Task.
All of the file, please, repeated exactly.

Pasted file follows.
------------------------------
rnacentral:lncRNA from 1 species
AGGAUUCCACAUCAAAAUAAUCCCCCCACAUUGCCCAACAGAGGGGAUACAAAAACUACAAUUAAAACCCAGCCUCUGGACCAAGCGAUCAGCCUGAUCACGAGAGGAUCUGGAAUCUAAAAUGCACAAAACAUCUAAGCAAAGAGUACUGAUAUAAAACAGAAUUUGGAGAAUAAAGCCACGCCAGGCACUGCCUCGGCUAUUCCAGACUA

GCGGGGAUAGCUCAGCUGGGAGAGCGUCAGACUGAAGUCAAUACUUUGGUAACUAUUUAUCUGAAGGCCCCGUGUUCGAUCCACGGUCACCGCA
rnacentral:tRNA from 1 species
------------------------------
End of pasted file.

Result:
rnacentral:lncRNA from 1 species
AGGAUUCCACAUCAAAAUAAUCCCCCCACAUUGCCCAACAGAGGGGAUACAAAAACUACAAUUAAAACCCAGCCUCUGGACCAAGCGAUCAGCCUGAUCACGAGAGGAUCUGGAAUCUAAAAUGCACAAAACAUCUAAGCAAAGAGUACUGAUAUAAAACAGAAUUUGGAGAAUAAAGCCACGCCAGGCACUGCCUCGGCUAUUCCAGACUA

GCGGGGAUAGCUCAGCUGGGAGAGCGUCAGACUGAAGUCAAUACUUUGGUAACUAUUUAUCUGAAGGCCCCGUGUUCGAUCCACGGUCACCGCA
rnacentral:tRNA from 1 species